Business Eye on French Election
Saturday, May 5, 2007; 3:31 AM
LA DEFENSE, France -- The suits are sober and the towers are flashy in this little Manhattan on the Seine, a high-intensity business district rising beyond the Arc de Triomphe that breaks with the stereotype of a France that dawdles in cafes and shuns hard work.
"There's nothing more dynamic than what you see here," said Remy Fontanet, 26, taking a lunch break at the foot of the coal-black tower housing nuclear giant Areva where he works as a buyer. "But what is here isn't representative of France."
La Defense is an ultramodern slice of France that embraces capitalism and views Sunday's presidential election with an eye toward the bottom line.
The choice is between Nicolas Sarkozy, 52, the pro-market frontrunner, and Segolene Royal, 53, a socialist who promises a pragmatic approach. Economic growth in France was only 2 percent last year, less than half the world average.
Both candidates say they want France to reclaim its role as a world business leader, something the people at La Defense already pursue _ sometimes in ways that rankle the average Frenchman.
The companies headquartered at La Defense bring in most of their revenue from foreign lands with mostly foreign employees _ cheaper and easier to hire and fire than French workers. A full 80 percent of the profit of companies on the French stock exchange, the CAC40, are made outside France, said economist Nicolas Bouzou.
At La Defense, the mostly management-level personnel work for as long as it takes, not heeding the country's 35-hour work week.
Big profits and big salaries at big companies have been "demonized" during the campaign, said Justin Dai, 26, an employee at Areva. "I don't agree that companies with very high profits should be penalized," he said.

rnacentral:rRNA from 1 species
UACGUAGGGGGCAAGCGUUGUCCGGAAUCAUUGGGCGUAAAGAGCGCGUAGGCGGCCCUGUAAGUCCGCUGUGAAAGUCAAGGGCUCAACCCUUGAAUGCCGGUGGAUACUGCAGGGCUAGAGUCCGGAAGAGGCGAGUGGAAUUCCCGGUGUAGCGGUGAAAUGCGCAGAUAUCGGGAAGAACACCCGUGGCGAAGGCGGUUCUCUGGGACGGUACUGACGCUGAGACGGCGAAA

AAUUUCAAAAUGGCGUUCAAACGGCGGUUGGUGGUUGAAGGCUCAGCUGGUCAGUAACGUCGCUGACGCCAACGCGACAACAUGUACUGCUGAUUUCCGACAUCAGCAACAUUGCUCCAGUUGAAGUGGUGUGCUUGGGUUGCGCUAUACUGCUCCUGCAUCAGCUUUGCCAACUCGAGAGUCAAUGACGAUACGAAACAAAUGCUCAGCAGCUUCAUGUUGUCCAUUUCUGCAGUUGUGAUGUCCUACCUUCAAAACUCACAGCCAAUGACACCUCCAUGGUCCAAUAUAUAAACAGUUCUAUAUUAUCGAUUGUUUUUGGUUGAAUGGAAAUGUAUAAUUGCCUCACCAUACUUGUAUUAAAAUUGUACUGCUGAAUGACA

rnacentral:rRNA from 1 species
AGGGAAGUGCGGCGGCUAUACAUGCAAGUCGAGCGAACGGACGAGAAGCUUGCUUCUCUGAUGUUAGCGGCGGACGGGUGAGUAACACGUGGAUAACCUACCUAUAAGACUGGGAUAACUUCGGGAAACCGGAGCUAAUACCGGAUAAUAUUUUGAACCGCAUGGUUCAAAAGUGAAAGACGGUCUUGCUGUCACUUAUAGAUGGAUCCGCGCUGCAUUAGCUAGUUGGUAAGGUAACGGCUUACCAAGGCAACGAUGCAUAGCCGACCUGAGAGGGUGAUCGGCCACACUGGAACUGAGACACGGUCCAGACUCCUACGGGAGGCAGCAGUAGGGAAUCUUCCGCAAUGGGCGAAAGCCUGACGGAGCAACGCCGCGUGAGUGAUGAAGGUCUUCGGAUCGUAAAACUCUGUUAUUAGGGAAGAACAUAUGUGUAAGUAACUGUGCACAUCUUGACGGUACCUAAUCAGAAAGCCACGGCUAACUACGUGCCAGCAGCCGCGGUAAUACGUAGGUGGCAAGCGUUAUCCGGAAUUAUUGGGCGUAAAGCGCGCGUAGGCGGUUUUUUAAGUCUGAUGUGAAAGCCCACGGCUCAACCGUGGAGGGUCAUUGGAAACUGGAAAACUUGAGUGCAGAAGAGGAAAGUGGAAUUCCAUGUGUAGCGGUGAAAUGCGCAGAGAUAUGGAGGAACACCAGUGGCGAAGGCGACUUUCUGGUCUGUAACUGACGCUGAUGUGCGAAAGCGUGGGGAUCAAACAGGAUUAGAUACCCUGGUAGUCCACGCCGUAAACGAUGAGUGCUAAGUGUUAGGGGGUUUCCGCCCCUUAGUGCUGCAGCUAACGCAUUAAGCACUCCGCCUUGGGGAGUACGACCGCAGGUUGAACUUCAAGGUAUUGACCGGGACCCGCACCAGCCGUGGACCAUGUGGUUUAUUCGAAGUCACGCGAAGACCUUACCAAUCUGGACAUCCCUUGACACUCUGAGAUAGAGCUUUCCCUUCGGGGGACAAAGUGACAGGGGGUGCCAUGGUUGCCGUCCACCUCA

Royal, should she win, would likely go after companies like petroleum giant Total, which recorded $17 billion in profits in 2006. Her 100-point "presidential pact" specifically calls for developing public transport via a tax on the "superprofits" of oil companies.
Among proposals to stimulate growth, Sarkozy would end taxation of extra work hours in the 35-hour week, applicable to only a portion of employees at La Defense.
"We are in the midst of globalization but not ready to take advantage of it," said Alexis Vincent-Falquet, 26, an auditor for Ernst & Young, standing in the shadow of the La Defense tower housing Total. "The French can't live without others, but if you say it you're treated like a capitalist."
"The French are afraid," he said.
Vincent-Falquet said there must be new flexibility in France's rigid system governing labor laws and ample social benefits. But like others, he is not ready to forego what all consider the best of France: the minimum wage that, at $1,644 a month, is among Europe's highest; guaranteed low-cost health care; long vacations. For those without a job, there is a guaranteed minimum income.
"Each little French person is raised with this ... It's part of our culture," Vincent-Falquet said. Like so many other French, he wants "adjustments" to spread opportunities and wealth _ but not too many.
"We must at all costs save the system" of social protections, he said. "Maybe diminish it but not do away with it. That's the one thing as a French man I'm proud of."